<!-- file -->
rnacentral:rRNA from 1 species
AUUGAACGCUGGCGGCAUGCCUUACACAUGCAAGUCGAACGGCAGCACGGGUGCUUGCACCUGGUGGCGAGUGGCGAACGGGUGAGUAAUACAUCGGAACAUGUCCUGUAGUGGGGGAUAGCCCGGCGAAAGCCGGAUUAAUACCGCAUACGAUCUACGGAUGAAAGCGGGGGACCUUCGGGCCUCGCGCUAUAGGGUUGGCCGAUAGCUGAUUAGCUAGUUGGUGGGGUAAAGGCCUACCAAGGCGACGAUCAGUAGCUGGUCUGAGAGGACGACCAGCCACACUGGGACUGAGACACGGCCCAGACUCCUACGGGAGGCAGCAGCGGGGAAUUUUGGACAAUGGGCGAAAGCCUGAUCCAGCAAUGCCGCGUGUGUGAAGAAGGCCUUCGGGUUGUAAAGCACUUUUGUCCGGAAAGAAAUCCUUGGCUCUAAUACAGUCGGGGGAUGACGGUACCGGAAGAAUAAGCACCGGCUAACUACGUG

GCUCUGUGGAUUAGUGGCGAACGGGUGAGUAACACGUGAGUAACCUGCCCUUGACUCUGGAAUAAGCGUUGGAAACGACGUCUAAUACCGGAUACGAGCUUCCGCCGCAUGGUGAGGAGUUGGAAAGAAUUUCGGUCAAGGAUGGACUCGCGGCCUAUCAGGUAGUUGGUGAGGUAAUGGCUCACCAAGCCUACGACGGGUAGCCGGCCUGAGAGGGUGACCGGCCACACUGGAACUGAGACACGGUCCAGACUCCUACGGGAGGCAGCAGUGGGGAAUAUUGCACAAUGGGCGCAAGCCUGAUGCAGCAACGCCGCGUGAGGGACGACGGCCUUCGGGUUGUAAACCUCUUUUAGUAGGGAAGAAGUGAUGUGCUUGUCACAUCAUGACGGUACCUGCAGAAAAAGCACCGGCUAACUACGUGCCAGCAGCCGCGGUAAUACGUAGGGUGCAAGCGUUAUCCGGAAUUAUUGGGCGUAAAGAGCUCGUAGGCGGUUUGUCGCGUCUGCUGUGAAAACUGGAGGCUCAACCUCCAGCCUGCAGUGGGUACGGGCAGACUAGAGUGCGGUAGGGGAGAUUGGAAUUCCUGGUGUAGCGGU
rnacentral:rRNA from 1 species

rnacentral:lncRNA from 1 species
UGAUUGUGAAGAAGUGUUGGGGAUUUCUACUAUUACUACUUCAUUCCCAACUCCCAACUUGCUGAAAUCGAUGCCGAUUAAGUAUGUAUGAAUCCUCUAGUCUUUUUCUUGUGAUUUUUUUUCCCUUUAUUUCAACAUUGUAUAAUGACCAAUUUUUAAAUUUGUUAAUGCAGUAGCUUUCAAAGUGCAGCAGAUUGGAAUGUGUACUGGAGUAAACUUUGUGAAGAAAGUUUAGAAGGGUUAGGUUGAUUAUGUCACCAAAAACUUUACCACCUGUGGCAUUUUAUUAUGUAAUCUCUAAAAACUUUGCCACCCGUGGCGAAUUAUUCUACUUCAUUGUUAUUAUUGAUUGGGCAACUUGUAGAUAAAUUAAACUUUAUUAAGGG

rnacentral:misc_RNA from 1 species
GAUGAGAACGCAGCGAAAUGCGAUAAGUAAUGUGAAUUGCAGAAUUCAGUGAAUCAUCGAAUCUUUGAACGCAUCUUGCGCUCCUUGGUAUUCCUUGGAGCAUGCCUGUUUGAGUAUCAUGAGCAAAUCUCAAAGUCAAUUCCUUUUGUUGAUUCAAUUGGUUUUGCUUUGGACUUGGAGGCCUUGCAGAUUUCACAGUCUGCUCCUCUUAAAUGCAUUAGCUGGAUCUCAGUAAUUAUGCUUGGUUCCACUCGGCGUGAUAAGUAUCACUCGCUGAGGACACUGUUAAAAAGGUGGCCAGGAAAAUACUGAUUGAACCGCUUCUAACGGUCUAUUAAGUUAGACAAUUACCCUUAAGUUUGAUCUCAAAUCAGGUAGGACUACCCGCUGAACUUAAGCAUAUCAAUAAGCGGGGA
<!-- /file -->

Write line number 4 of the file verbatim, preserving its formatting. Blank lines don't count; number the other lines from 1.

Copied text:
rnacentral:rRNA from 1 species